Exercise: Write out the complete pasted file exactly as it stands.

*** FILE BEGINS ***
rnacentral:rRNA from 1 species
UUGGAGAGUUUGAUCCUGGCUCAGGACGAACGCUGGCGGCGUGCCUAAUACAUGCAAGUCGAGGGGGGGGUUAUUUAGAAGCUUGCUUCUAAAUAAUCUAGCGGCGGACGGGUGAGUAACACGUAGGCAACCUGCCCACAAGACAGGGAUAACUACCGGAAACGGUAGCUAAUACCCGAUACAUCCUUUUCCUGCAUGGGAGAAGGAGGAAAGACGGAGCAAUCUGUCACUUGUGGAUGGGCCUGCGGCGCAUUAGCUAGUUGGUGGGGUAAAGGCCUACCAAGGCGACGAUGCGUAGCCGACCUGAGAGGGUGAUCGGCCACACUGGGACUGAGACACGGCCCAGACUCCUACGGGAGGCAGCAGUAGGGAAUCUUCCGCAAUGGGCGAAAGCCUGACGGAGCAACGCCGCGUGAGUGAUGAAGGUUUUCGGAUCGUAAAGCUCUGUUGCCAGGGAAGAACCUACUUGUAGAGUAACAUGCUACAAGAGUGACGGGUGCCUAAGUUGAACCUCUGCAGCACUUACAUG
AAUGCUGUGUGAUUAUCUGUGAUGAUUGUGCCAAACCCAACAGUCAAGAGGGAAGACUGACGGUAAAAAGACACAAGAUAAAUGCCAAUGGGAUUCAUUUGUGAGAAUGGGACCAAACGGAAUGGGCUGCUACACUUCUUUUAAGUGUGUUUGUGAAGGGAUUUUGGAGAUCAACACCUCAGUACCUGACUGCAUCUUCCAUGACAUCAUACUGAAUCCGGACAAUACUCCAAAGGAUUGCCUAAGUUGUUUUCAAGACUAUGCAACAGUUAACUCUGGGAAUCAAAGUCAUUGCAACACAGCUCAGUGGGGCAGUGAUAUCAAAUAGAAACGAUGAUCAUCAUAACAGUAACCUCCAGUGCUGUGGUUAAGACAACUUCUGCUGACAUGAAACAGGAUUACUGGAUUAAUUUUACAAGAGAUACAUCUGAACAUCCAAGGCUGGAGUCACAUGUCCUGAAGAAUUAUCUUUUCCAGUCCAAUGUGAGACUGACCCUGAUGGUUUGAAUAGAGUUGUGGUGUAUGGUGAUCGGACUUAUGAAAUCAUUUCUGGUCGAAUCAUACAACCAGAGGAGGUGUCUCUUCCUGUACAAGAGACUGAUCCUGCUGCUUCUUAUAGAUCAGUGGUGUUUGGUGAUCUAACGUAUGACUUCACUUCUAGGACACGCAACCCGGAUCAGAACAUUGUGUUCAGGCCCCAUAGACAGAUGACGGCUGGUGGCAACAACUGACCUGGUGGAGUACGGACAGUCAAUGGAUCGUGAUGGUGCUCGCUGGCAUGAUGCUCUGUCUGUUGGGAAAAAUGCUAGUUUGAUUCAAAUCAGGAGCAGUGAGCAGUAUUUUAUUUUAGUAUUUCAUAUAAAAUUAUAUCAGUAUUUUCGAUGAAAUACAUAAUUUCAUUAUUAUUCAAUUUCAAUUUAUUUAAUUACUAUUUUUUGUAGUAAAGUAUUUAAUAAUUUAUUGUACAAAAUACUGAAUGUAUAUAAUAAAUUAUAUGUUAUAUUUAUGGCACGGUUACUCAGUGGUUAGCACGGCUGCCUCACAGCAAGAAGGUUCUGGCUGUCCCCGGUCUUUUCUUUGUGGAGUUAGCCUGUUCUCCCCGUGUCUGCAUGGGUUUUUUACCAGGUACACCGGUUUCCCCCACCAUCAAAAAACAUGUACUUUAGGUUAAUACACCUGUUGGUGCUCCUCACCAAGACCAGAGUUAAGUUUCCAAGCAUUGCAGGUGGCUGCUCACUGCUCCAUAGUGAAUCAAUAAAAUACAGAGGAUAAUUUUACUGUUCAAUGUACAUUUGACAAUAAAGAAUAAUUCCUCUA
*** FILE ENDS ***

rnacentral:rRNA from 1 species
UUGGAGAGUUUGAUCCUGGCUCAGGACGAACGCUGGCGGCGUGCCUAAUACAUGCAAGUCGAGGGGGGGGUUAUUUAGAAGCUUGCUUCUAAAUAAUCUAGCGGCGGACGGGUGAGUAACACGUAGGCAACCUGCCCACAAGACAGGGAUAACUACCGGAAACGGUAGCUAAUACCCGAUACAUCCUUUUCCUGCAUGGGAGAAGGAGGAAAGACGGAGCAAUCUGUCACUUGUGGAUGGGCCUGCGGCGCAUUAGCUAGUUGGUGGGGUAAAGGCCUACCAAGGCGACGAUGCGUAGCCGACCUGAGAGGGUGAUCGGCCACACUGGGACUGAGACACGGCCCAGACUCCUACGGGAGGCAGCAGUAGGGAAUCUUCCGCAAUGGGCGAAAGCCUGACGGAGCAACGCCGCGUGAGUGAUGAAGGUUUUCGGAUCGUAAAGCUCUGUUGCCAGGGAAGAACCUACUUGUAGAGUAACAUGCUACAAGAGUGACGGGUGCCUAAGUUGAACCUCUGCAGCACUUACAUG
AAUGCUGUGUGAUUAUCUGUGAUGAUUGUGCCAAACCCAACAGUCAAGAGGGAAGACUGACGGUAAAAAGACACAAGAUAAAUGCCAAUGGGAUUCAUUUGUGAGAAUGGGACCAAACGGAAUGGGCUGCUACACUUCUUUUAAGUGUGUUUGUGAAGGGAUUUUGGAGAUCAACACCUCAGUACCUGACUGCAUCUUCCAUGACAUCAUACUGAAUCCGGACAAUACUCCAAAGGAUUGCCUAAGUUGUUUUCAAGACUAUGCAACAGUUAACUCUGGGAAUCAAAGUCAUUGCAACACAGCUCAGUGGGGCAGUGAUAUCAAAUAGAAACGAUGAUCAUCAUAACAGUAACCUCCAGUGCUGUGGUUAAGACAACUUCUGCUGACAUGAAACAGGAUUACUGGAUUAAUUUUACAAGAGAUACAUCUGAACAUCCAAGGCUGGAGUCACAUGUCCUGAAGAAUUAUCUUUUCCAGUCCAAUGUGAGACUGACCCUGAUGGUUUGAAUAGAGUUGUGGUGUAUGGUGAUCGGACUUAUGAAAUCAUUUCUGGUCGAAUCAUACAACCAGAGGAGGUGUCUCUUCCUGUACAAGAGACUGAUCCUGCUGCUUCUUAUAGAUCAGUGGUGUUUGGUGAUCUAACGUAUGACUUCACUUCUAGGACACGCAACCCGGAUCAGAACAUUGUGUUCAGGCCCCAUAGACAGAUGACGGCUGGUGGCAACAACUGACCUGGUGGAGUACGGACAGUCAAUGGAUCGUGAUGGUGCUCGCUGGCAUGAUGCUCUGUCUGUUGGGAAAAAUGCUAGUUUGAUUCAAAUCAGGAGCAGUGAGCAGUAUUUUAUUUUAGUAUUUCAUAUAAAAUUAUAUCAGUAUUUUCGAUGAAAUACAUAAUUUCAUUAUUAUUCAAUUUCAAUUUAUUUAAUUACUAUUUUUUGUAGUAAAGUAUUUAAUAAUUUAUUGUACAAAAUACUGAAUGUAUAUAAUAAAUUAUAUGUUAUAUUUAUGGCACGGUUACUCAGUGGUUAGCACGGCUGCCUCACAGCAAGAAGGUUCUGGCUGUCCCCGGUCUUUUCUUUGUGGAGUUAGCCUGUUCUCCCCGUGUCUGCAUGGGUUUUUUACCAGGUACACCGGUUUCCCCCACCAUCAAAAAACAUGUACUUUAGGUUAAUACACCUGUUGGUGCUCCUCACCAAGACCAGAGUUAAGUUUCCAAGCAUUGCAGGUGGCUGCUCACUGCUCCAUAGUGAAUCAAUAAAAUACAGAGGAUAAUUUUACUGUUCAAUGUACAUUUGACAAUAAAGAAUAAUUCCUCUA